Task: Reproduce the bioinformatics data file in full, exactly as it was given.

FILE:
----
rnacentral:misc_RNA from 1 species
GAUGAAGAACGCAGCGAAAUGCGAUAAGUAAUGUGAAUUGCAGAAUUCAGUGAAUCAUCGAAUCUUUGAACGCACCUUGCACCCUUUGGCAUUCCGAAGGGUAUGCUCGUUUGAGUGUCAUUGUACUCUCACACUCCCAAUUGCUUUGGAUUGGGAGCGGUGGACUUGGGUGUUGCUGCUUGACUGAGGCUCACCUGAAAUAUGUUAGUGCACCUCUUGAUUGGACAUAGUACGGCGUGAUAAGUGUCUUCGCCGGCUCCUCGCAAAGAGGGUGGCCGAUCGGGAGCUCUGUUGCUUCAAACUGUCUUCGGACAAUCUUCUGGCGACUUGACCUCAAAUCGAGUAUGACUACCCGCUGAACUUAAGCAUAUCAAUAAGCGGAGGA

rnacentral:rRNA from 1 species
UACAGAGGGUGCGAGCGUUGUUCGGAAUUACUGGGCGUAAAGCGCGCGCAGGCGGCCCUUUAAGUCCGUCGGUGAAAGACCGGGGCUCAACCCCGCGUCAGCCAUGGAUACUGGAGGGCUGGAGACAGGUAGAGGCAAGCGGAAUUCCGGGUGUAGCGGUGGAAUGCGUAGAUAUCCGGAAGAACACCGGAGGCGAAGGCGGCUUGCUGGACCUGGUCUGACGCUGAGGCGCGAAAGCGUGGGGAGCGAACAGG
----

rnacentral:misc_RNA from 1 species
GAUGAAGAACGCAGCGAAAUGCGAUAAGUAAUGUGAAUUGCAGAAUUCAGUGAAUCAUCGAAUCUUUGAACGCACCUUGCACCCUUUGGCAUUCCGAAGGGUAUGCUCGUUUGAGUGUCAUUGUACUCUCACACUCCCAAUUGCUUUGGAUUGGGAGCGGUGGACUUGGGUGUUGCUGCUUGACUGAGGCUCACCUGAAAUAUGUUAGUGCACCUCUUGAUUGGACAUAGUACGGCGUGAUAAGUGUCUUCGCCGGCUCCUCGCAAAGAGGGUGGCCGAUCGGGAGCUCUGUUGCUUCAAACUGUCUUCGGACAAUCUUCUGGCGACUUGACCUCAAAUCGAGUAUGACUACCCGCUGAACUUAAGCAUAUCAAUAAGCGGAGGA

rnacentral:rRNA from 1 species
UACAGAGGGUGCGAGCGUUGUUCGGAAUUACUGGGCGUAAAGCGCGCGCAGGCGGCCCUUUAAGUCCGUCGGUGAAAGACCGGGGCUCAACCCCGCGUCAGCCAUGGAUACUGGAGGGCUGGAGACAGGUAGAGGCAAGCGGAAUUCCGGGUGUAGCGGUGGAAUGCGUAGAUAUCCGGAAGAACACCGGAGGCGAAGGCGGCUUGCUGGACCUGGUCUGACGCUGAGGCGCGAAAGCGUGGGGAGCGAACAGG